The days rolled by, and the weekend finally came. Kalden's neighborhood sat on the northeast side of town—just a fifteen-minute train ride from the Cliftons' house.
Trusting him might be a gamble, but so was the entire world of Mana Arts. That much, Akari knew from the stories. Even Grandmasters put their lives in danger on a daily basis. Ambient mana was strongest in places like the Hollows where the mana beasts and spirits roamed free. Or—in the case of Arkala—the Contested Territory.
Either way, you couldn't advance without danger.
But then, maybe those were just legends? For all she knew, her first real lessons would contradict those.
The train pulled into the station just after noon, and she followed the raised crosswalk over a busy boulevard. From there, she followed her hand-drawn map down a smaller street lined with trees on either side.
A wall of pale gray bricks surrounded Cerulean Beach Estates, and security cameras hung from the pillars every ten yards.
Talek. This was even more pretentious than she'd expected. The neighborhood wasn't even near a beach. Did they just stick that word in there to make it sound fancier?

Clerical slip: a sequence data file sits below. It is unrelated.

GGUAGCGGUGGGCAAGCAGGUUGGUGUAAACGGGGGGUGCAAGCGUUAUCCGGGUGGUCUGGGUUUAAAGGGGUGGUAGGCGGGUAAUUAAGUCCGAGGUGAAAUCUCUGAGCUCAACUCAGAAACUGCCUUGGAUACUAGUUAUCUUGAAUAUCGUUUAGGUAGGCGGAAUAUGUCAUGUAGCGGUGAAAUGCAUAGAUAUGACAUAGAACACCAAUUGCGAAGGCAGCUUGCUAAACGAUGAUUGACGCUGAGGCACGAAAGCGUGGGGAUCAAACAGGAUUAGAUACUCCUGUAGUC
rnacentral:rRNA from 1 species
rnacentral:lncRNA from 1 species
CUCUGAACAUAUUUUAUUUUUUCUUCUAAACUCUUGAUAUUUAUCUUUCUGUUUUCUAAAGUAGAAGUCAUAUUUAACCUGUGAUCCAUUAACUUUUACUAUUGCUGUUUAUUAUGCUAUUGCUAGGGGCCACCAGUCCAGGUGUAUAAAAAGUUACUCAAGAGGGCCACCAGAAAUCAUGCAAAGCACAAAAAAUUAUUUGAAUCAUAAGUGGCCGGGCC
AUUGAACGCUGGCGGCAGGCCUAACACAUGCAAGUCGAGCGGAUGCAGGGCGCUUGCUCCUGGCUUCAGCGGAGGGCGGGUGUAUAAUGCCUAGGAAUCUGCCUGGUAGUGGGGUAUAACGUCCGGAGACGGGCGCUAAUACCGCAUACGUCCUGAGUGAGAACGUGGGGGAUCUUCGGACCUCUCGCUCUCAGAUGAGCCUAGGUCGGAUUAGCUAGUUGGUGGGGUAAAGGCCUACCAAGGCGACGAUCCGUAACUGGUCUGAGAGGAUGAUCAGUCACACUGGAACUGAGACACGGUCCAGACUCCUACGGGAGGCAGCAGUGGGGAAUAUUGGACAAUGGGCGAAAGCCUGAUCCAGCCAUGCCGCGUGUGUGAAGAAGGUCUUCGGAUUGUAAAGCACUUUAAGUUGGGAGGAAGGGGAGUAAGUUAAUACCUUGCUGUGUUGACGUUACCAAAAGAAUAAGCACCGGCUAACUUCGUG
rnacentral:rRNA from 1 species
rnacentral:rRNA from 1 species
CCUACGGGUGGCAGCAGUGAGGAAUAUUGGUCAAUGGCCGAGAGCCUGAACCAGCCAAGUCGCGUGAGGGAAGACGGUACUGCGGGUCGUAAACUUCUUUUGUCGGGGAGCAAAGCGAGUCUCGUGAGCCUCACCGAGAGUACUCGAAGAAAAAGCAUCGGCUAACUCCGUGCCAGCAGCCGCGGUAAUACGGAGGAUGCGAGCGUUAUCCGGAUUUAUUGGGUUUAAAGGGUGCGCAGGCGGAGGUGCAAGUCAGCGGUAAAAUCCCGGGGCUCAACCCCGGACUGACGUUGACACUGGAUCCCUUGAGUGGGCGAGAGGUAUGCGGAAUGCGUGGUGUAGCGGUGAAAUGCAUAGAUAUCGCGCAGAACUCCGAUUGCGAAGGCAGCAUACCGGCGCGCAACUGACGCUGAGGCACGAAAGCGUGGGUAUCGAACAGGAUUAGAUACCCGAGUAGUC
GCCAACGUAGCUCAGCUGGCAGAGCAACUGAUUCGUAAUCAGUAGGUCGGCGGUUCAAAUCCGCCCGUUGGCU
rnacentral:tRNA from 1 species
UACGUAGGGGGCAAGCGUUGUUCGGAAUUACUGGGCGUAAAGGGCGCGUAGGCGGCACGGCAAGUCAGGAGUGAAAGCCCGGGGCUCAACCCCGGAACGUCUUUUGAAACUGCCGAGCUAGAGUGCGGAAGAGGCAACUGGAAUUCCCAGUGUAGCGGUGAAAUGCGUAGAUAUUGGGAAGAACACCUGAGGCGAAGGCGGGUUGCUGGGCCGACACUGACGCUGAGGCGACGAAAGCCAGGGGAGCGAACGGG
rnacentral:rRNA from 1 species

Akari walked for another block until the stone wall opened into a pair of ornamented steel gates—one for pedestrians and one for cars. A short, white building sat between them, sort of like a tollbooth.
The guard was busy with a brown delivery truck, so Akari stepped up to the pedestrian side and scanned her badge on the terminal outside the window. Several seconds passed, then the larger gate pivoted inward to let in the truck.
Akari's heart rate doubled as the guard turned to examine a small computer screen. Was he going to turn her away? Was this place only for Golds? Kalden hadn't even mentioned a gate. Then again, the guards probably recognized his car and rolled out a red carpet as soon as they saw him coming. And like a typical Gold, he'd drive on through thinking that was normal.
And ... did this mean she couldn't leave the neighborhood whenever she wanted to? Being alone in Kalden's house was bad enough, but—